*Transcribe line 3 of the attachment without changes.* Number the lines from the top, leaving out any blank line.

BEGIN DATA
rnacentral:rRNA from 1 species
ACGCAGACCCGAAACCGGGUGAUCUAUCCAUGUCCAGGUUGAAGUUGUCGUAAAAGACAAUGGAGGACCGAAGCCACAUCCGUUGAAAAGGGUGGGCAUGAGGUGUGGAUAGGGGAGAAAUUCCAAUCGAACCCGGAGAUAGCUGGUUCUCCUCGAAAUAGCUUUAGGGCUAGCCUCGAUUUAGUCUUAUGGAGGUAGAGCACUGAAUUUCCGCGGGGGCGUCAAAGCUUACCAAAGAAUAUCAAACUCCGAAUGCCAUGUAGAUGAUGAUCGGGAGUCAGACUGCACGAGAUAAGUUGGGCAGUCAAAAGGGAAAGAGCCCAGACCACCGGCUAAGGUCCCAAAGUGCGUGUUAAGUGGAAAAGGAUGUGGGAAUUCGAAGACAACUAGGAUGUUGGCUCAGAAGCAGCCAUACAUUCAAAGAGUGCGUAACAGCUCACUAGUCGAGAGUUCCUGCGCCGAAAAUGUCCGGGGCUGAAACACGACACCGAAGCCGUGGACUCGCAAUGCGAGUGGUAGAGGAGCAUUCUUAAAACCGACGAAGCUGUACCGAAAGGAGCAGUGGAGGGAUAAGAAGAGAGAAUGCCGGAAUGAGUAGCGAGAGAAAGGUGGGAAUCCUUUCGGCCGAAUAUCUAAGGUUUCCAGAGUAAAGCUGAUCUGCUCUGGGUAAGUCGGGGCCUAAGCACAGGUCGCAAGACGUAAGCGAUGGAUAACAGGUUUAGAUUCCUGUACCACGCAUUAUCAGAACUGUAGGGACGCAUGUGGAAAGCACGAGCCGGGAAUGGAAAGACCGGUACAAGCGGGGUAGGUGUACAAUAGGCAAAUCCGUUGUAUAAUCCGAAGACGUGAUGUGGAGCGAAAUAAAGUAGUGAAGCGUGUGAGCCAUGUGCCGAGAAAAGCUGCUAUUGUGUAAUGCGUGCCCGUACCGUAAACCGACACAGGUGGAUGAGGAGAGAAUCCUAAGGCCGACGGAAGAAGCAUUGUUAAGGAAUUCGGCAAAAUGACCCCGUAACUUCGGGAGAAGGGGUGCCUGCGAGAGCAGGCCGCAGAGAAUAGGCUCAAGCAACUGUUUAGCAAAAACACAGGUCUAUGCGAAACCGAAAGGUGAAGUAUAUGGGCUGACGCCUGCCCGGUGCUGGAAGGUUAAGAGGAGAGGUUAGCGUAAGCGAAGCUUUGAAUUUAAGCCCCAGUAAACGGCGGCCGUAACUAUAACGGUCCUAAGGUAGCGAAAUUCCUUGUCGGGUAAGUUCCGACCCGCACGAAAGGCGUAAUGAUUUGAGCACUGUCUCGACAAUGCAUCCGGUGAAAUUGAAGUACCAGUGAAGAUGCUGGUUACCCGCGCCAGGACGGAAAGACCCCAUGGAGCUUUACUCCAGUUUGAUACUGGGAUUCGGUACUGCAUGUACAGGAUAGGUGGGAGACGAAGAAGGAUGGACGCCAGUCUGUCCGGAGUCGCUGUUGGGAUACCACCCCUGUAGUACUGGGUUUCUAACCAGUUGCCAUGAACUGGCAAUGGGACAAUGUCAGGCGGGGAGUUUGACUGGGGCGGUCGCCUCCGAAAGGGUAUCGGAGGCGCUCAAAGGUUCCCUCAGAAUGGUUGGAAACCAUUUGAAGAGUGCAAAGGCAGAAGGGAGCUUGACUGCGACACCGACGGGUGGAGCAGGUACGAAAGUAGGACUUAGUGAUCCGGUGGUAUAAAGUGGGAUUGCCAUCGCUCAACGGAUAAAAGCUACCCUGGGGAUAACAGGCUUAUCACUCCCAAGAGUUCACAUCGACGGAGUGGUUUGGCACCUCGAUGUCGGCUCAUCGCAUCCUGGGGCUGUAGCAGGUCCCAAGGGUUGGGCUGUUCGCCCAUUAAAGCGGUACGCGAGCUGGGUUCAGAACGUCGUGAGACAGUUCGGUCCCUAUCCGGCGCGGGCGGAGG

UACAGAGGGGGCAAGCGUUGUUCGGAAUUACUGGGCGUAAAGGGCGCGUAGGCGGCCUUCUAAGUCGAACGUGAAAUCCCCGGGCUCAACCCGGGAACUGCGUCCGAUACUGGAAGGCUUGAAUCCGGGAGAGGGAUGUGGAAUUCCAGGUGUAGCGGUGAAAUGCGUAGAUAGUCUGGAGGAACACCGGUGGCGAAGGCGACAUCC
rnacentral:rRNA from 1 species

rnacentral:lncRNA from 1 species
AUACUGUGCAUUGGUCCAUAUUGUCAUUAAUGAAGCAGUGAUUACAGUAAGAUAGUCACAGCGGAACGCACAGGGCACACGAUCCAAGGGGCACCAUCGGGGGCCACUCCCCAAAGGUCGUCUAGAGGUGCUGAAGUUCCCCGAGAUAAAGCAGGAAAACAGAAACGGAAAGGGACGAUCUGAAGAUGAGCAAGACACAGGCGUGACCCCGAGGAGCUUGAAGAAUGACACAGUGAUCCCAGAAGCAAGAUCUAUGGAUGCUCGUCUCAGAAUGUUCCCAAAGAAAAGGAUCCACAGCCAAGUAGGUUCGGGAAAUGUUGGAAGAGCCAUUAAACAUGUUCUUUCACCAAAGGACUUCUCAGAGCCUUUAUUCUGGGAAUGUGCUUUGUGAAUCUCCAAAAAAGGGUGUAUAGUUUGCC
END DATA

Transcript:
UACAGAGGGGGCAAGCGUUGUUCGGAAUUACUGGGCGUAAAGGGCGCGUAGGCGGCCUUCUAAGUCGAACGUGAAAUCCCCGGGCUCAACCCGGGAACUGCGUCCGAUACUGGAAGGCUUGAAUCCGGGAGAGGGAUGUGGAAUUCCAGGUGUAGCGGUGAAAUGCGUAGAUAGUCUGGAGGAACACCGGUGGCGAAGGCGACAUCC